For 35 years, the woman’s family had sought the cause of the disorder that from birth had robbed her sight through a condition called optic atrophy or degeneration of the optic nerves. Dr. Richard Lewis, professor of ophthalmology at Baylor College of Medicine, had examined her at different ages, and confirmed that her disease was not progressive. But in addition to her vision loss, the woman also had autism-like symptoms and intellectual disability, even though she had an excellent memory and was multi-lingual.
When Dr. Christian Schaaf, an assistant professor of molecular and human genetics at Baylor and a member of the faculty at the Jan and Dan Duncan Neurological Research Institute at Texas Children’s Hospital, was asked to evaluate her, he recommended sequencing of her exome (the part of the genome that contains the code for proteins), and she was enrolled in a study through the federally funded Baylor-Hopkins Center for Mendelian Genomics. Postdoctoral fellow Dr. Claudia Gonzaga-Jauregui (now at Duke University) analyzed the sequencing data and found a new mutation (de novo) in the gene NR2F1, which is known to be involved in the development of the eye.
Age of discovery
However, finding one patient with such a mutation is not enough to prove that it is the actual cause of disease. But researchers from the Radboud University Medical Center in Nijmegen, The Netherlands, had submitted additional cases with optic atrophy to the Baylor-Hopkins study. They found more patients who had similar symptoms and mutations in the same gene.
“This is the age of discovery in human genetics,” said Schaaf, who is corresponding author of the report in the American Journal of Human Genetics
“This was a combined effort. The Dutch scientists had submitted a lot of samples for sequencing. We got deeper into the data and sequenced more patients, and found a total of six.”
Schaaf and his colleagues then came to realize that the gene in question had been part of the work of Drs. Ming-Jer and Sophia Tsai, professors in the department of molecular and cellular biology at Baylor, for nearly a quarter of a century. They had called the gene COUP-TFI.
“Not only were the Tsais excited about the discovery involving a gene they had studied for so long and the implication for human disease, they were able to test our hypothesis that these mutations cause a loss of function in the protein,” said Schaaf.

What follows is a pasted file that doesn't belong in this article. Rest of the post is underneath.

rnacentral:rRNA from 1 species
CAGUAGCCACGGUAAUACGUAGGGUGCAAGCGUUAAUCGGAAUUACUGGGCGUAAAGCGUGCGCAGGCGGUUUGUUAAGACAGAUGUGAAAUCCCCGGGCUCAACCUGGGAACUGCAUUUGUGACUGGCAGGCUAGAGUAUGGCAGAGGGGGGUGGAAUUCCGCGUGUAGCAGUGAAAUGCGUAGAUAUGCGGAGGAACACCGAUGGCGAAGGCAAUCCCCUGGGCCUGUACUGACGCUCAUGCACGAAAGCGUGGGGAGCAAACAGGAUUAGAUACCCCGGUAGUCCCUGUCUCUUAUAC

Mutation causes loss of function
After careful laboratory tests, they confirmed that the problem was indeed a loss of function.
“This is a lucky situation that does not occur infrequently at Baylor,” said Schaaf. “We have such diverse expertise. Sometimes, it seems there is an expert for everything you need to investigate.” The ability to collaborate across national borders and even oceans also increases your chances of discovering new disease genes, he said.
While all six of the patients with the mutated gene have optic atrophy and intellectual disability, their problems are not all the same. Only the first one that Schaaf saw had a behavioral profile on the autism spectrum.
New technology provides answers
“This empowers families,” said Schaaf. “People who had sought an answer to the health problems affecting them or their children might now benefit from the new technology.”
“It is never too late to find an answer,” he said. Unfortunately, there is no treatment for the condition that was found in the six patients. However, it provided assurance to the mother of his patient that this was not caused by any adverse event during pregnancy or early childhood. This was a new mutation that had happened simply by chance.
Others who took part in this research include: Claudia Gonzaga-Jauregui, Shalini Jhangiani, Wojciech Wiszniewski, Donna M. Muzny, Mafei Xu, Chun-An Chen, Richard A. Gibbs, James R. Lupski and Huda Y. Zoghbi, all of Baylor; Danielle G.M. Bosch, Joep de Ligt, Helger G. Yntema, Rolph Pfundt, Lisenka E.L.M. Vissers, Liesbeth Spruijt, Ellen A.W. Blokland, Frans P.M. Cremers, and co-corresponding author Bert B.A. de Vries, all of Radboud University Medical Center in Nijmegen, The Netherlands; and F. Nienke Boonstra of Bartimeus, Institute for the Visually Impaired in Zeist, The Netherlands.
Funding for this work came from: Stichting ODAS that contributed through UitZicht, Vereniging Bartimeus-Sonneheerdt (Grant 5781251), and the Netherlands Organisation for Health Research and Development (ZON-MW grant 917-86-319); the National Institutes of Health (NIH) (National Human Genome Research Institute Grant U54HG006542); the Doris Duke Charitable Foundation; the Stanford and Joan Alexander Family; the NIH (Grants DK45641 and HL114539); the National Institute of Neurological Disorders and Stroke (Grant K23NS078056); and Research to Prevent Blindness in New York.